As I expected, cable and satellite services will be big winners as a result of the transition to digital broadcast of television content when analog broadcasts ended on June 12. As over-the-air users discovered that their systems could not receive the same stations that they had received via analog transmissions — especially in fringe reception areas — their choices were limited to subscription-based services such as cable or satellite, or to make a large investment in antenna equipment, signal amplifiers, and other electronics in order to get the programming. It’s not a surprise that many people chose the easy way out, especially since the subscription services have been offering some attractive introductory deals. Customers in areas served by a cable company can pick either cable or satellite, but many customers live beyond where the cable feeds end, and thus are limited to the satellite choices.
According to an article in Multichannel News, a Wells Fargo Securities analyst estimated that about 653,000 U.S. homes will become new cable, satellite, or telephone company subcribers for video services this year. Nearly three out of four of these new subscribers will choose cable, with satellite picking up about 20% of the new subscriptions. (That leaves the phone companies with about 6% of the gain, but this is not surprising given the limited footprint of these services so far.)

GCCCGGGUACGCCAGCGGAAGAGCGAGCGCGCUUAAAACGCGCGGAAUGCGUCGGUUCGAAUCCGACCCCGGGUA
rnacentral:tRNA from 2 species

I expect that some — if not most — of these new subscribers come from the ranks of the “partially ready” consumers, which would mean that the bulk of the couple million households that were “totally unprepared” on the transition date may still be without television service. According to an FCC survey, the average cable bill for expanded basic service last year was $49.65 per month, which is out of the reach for many low income households. Digital service with high definition support costs even more.